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Financial Planning for Special Needs

Financial Planning for Special Needs

June 15, 2017

As an attorney focusing on serving clients with special needs, I understand how important it is to work with an expert who understands your unique situation. That’s why I’ve partnered with Joel Harworth, an independent financial advisor for clients with special needs. Joel and his team at provide special needs financial planning in collaboration with our team.

Children with special needs may require lifetime financial assistance, which can necessitate that parents prepare for their child’s care after they are gone, or are unable to care for him or her any longer. Parents have to think about the potential needs of their surviving child. Will he or she require daily custodial care? Ongoing medical treatments? Will their child live alone or in a group home? Can the family assume some of the care?

Joel and his team can help answer these and other questions can help form the vision of what may need to be done to plan for your child’s care.

Financial Planning Strategies

Financial planning for special needs situations typically require a combination of strategies. It’s important to consider the pros and cons of each strategy and how they affect one another.

Government Programs

Supporting lifetime needs can be expensive and overwhelming. One funding source is government benefits, which your child may qualify for when he or she becomes an adult via Supplemental Security Income (SSI) and Medicaid.

Special Needs Trusts

Because such government programs have low asset thresholds for qualification, you may want to consider whether to make property transfers to your special needs child. Another option is a special needs trust, the assets of which can be structured to fund your child’s care without disqualifying him or her from government assistance.

529(a) Accounts

The ABLE Act that Congress passed in December of 2014 established 529(a) accounts as a way to save towards caring for those with special needs without risking government assistance. They are modeled after 529 college savings plans, though there are some key differences.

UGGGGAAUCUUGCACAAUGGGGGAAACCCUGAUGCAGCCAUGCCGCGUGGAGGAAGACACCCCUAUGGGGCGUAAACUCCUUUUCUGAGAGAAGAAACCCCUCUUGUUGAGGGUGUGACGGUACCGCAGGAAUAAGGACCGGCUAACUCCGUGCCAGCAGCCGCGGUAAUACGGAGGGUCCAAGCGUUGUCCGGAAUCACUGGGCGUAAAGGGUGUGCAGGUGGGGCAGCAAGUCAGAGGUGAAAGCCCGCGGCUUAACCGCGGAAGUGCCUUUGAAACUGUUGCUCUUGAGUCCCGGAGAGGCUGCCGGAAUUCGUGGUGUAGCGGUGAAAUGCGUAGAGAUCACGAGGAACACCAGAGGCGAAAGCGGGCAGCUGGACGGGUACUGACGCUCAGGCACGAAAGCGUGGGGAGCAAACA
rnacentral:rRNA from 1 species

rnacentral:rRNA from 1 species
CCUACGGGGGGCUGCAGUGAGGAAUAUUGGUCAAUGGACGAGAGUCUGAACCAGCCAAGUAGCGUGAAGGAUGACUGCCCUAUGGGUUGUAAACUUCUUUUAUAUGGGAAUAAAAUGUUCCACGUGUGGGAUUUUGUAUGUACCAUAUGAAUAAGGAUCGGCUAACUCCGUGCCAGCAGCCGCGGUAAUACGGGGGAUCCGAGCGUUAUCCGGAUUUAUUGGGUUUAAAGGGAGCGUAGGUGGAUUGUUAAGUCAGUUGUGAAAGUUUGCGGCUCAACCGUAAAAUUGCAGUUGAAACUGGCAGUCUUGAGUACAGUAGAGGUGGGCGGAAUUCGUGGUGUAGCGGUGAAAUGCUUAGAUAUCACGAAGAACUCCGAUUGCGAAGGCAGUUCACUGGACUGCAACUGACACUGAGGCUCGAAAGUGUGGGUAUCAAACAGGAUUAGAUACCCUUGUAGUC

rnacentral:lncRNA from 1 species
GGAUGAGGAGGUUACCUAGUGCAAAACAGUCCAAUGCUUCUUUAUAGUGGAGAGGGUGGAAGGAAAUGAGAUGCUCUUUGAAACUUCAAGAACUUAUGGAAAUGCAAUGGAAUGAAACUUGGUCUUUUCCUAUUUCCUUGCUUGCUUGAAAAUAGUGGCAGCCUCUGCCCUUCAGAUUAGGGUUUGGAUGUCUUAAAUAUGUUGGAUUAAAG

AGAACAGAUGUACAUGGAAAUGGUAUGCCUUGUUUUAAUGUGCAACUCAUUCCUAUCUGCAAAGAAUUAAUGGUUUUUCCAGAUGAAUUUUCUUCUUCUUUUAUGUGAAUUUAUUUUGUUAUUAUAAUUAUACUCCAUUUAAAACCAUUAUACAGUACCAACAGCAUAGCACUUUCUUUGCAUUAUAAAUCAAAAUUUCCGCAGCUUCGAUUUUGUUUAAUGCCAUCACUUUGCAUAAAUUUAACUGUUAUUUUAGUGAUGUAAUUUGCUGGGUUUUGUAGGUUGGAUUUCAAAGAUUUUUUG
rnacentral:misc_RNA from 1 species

Families can open a 529(a) account for anyone that meets the Social Security Administration’s definition of disabled or is blind. Like their college-savings counterparts, 529(a) accounts are established by individual states. A beneficiary can only have one account, but they are allowed to open it with any state. That is helpful because since they are so new, not all states are even offering accounts yet and it provides many more investment options.

Contributions to a 529(a) plan are capped at $14,000 per beneficiary, in total from all sources. While contributions are made with after-tax dollars, all investment growth is tax-free. When used to pay for qualified expenses, withdrawals are tax-free as well. Qualified expenses include things such as housing, transportation, healthcare, wellness, and education. Any other withdrawals are subject to a 10% penalty and earnings are taxed at normal income tax rates.

How to Learn More

Planning for a special needs child can be complicated, confusing, and even overwhelming. It is wise to consult with an experienced professional when considering special needs planning. To learn more, contact Joel Harworth at or  909.981.1720.

About Joel Harworth

Special Needs Financial Planner 909.981.1720

Joel joined 1on1financial in April 2016. He comes with over 16 years of experience in the Financial Services field. Joel’s previous experience was in credit unions where he provided financial advice as well as providing exceptional service. His banking experience provides additional expertise when discussing loans and banking products as part of the overall financial plan. He comes highly experienced in investment management, insurance, special needs planning, and estate planning. Joel’s passion for helping his clients achieve their goals comes through in every meeting.

Joel was born and raised in Southern California. He attended the University of La Verne where he completed his degree in Business Administration with a concentration in Finance. While attending La Verne, he competed on the Men’s Volleyball team, leading them to the National Championship game his senior year. After graduation, he came back to help the investment classes start an investment fund that the current students managed.

Joel loves spending time with his wife Kim and his 5-year-old twin boys, Wyatt and Justin. The family loves beach days and weekend trips to the mountains. Joel enjoys being active by working out, mountain biking and playing sports with his boys. Joel and Kim are very active at their church. Kim works in the Children’s Ministry as she loves kids. Joel helps with cooking for large church events. But Joel’s favorite pastime is playing golf. He has had the privilege of playing in several Champions tour pro-ams and playing with some of the Remax World Long Drive winners and contestants (the longest drivers of the golf ball in the world).